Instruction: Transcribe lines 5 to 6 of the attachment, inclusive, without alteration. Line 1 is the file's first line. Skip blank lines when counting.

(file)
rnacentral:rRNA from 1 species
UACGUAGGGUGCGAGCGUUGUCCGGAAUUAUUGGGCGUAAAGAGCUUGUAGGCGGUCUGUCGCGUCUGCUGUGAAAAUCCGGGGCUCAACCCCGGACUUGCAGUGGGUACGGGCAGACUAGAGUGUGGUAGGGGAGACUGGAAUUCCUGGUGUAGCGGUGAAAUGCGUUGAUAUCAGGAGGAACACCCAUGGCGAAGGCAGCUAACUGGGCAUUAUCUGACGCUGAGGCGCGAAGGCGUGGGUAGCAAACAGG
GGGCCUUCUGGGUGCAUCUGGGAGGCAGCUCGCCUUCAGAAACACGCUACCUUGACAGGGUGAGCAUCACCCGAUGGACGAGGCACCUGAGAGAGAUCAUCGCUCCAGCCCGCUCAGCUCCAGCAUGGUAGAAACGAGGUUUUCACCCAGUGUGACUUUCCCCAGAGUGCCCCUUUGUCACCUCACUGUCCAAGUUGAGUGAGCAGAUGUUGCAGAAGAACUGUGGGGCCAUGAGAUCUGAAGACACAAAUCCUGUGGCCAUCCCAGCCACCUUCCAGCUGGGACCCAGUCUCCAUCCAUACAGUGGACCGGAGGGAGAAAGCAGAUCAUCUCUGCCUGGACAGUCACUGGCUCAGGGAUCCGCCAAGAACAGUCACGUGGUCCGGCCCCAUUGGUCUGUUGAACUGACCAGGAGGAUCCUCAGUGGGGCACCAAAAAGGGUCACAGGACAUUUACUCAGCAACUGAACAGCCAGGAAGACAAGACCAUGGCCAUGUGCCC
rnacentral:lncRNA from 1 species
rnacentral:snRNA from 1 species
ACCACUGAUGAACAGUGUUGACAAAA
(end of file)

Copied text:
rnacentral:snRNA from 1 species
ACCACUGAUGAACAGUGUUGACAAAA